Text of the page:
Tuesday, August 25, 2015

Comparing Apples and Studebakers


In the previous five blog posts, we discussed Peer States, Aspiration States, and High Impact States. We also looked at funding formula components and talked about funding fairness.  Let’s review what we found.


Peer States


We compared each state to Kansas on 10 measures; including those related to student demographics and population characteristics.  We defined similar to Kansas as within plus or minus one half a standard deviation of Kansas’s value.  We identified peer states as those states that were similar to Kansas on at least 6 of the 10 measures.  


Here are the Peer States, from most similar to least:
  • Oregon
  • Washington
  • Illinois
  • Michigan
  • Nebraska
  • Pennsylvania
  • Wisconsin


We concluded the following:
  • 5/7 peer states, or 70% spend more per pupil than Kansas.
  • 7/7 peer states, or 100% have lower student outcomes than Kansas on at least 8/14 outcome measures.
  • Kansas has fewer students per district, school, and staff than the majority of its peers.
  • Most of Kansas’ neighbor states are not on the list of peer states.  


Aspiration States


We compared each state to Kansas on 14 measures; including those related to student attainment and student achievement.  We defined aspiration states as those states that outperformed Kansas on at least 8 of these 14 measures.


Here are the Aspiration States, from those that outperform Kansas on the most measures to those that outperform Kansas on the fewest:
  • New Hampshire
  • New Jersey
  • Massachusetts
  • Vermont
  • Minnesota


We concluded the following:
  • Only five states outperform Kansas on a majority of student outcome measures.
  • All five Aspiration States spend more per pupil than Kansas.
  • Approximately half of the states had more students per district, school, and staff.
  • No aspiration state is also a peer state.


Higher Impact States


We compared each state to Kansas on 14 measures, including those related to student attainment and student achievement, while controlling for 16 measures, including those related to student demographics and population characteristics.  We defined higher impact states as those states that would outperform Kansas on at least 8 of 14 outcome measures if all states had the same student demographics and population characteristics.


Here are the higher impact states, from those that outperform Kansas on the most measures to those that outperform Kansas on the fewest:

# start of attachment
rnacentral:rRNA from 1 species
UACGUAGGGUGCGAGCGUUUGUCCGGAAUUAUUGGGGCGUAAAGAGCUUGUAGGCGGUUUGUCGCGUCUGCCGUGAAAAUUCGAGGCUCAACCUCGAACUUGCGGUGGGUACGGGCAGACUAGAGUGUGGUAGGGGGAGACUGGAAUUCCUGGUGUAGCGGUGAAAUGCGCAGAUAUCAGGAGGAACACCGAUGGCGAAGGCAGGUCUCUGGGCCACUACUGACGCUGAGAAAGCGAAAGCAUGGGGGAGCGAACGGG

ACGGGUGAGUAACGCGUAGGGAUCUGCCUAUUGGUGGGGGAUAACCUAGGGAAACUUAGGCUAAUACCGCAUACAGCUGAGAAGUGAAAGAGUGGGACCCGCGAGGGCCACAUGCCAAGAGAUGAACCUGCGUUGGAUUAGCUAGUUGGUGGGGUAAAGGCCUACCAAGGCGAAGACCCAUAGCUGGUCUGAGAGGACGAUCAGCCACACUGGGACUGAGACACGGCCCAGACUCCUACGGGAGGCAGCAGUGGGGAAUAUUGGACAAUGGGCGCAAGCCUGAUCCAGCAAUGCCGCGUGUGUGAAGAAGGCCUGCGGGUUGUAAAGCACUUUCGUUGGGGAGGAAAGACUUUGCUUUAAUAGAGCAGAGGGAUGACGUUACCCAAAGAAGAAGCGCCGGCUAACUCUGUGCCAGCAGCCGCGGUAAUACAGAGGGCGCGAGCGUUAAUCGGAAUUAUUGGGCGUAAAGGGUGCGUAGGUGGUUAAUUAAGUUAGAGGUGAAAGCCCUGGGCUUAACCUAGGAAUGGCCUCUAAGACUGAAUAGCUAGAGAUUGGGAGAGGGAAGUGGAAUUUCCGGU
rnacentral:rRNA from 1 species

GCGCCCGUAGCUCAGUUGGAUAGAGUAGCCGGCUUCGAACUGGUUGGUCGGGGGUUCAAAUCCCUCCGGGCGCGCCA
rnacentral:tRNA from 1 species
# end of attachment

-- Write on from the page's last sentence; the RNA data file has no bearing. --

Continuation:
• Texas
  • Kentucky
  • Arkansas
  • Maryland


We concluded the following:
  • Only four states outperform Kansas on a majority of student outcome measures when controlling for student demographics and population characteristics.
  • None of the higher impact states outperform Kansas on more than 3/14 outcome measures without controlling for student demographics and population characteristics.
  • None of the high impact states were also identified as peer or aspiration states.


So What?


The question remains; how can we use this information?  We have created three different ways of comparing Kansas to other states, and each comparison is designed to answer different kinds of questions.  


  • By looking at our peer states, we can ask how states with similar student populations compare with Kansas on funding, organization size, student attainment, and student achievement.  
  • By looking at our aspiration states, we can ask how states that outperform Kansas on student attainment and student achievement compare on funding, organization size, student demographics, and population characteristics.
  • Using the higher impact states, we can look to states that  achieve better student outcomes than expected when holding school funding, student demographics, and population characteristics constant (to a higher degree than Kansas does) to see if there are aspects of their systems that would benefit Kansas.  


Here is the full list of comparison states:
  • Arkansas - High Impact
  • Illinois - Peer
  • Kentucky - High Impact
  • Maryland - High Impact
  • Massachusetts - Aspiration
  • Michigan - Peer
  • Minnesota - Aspiration
  • Nebraska - Peer
  • New Hampshire - Aspiration
  • New Jersey - Aspiration
  • Oregon - Peer
  • Pennsylvania - Peer
  • Texas - High Impact
  • Vermont - Aspiration
  • Washington - Peer
  • Wisconsin - Peer


As we move into discussions on school finance formulas, each type of comparison can be useful.  We can look to our peers to see how states with similar students fund their education system.  We can look to our aspiration states to see if we can find a connection between student success, funding, and particular aspects of school finance formulas.  We can look to the high impact states to see if there might be components to their school finance formula that help them perform above expectations to a higher degree than Kansas.  


We’ve identified school funding components and can compare them between states to see if there is some indication that schools with certain components addressed in certain ways have better student outcomes, and we’ve looked at some national fairness metrics and can see if there are areas where Kansas could improve compared to these other states.  All of this together should at least enable us to come up with some ideas for sharing and discussion as we look to defining a new funding formula and ensuring adequate and equitable funding for all Kansas schools.

Discussions such as these are complex, and there is rarely a single, clear, best approach.  Hopefully coming at the topic from multiple angles such as what we’ve described above will better enable us to come up with some ideas about what Kansas needs in order to improve student outcomes and to ensure the money we are spending is being used as effectively and efficiently as possible.  

To examine the data more closely, use the following links:

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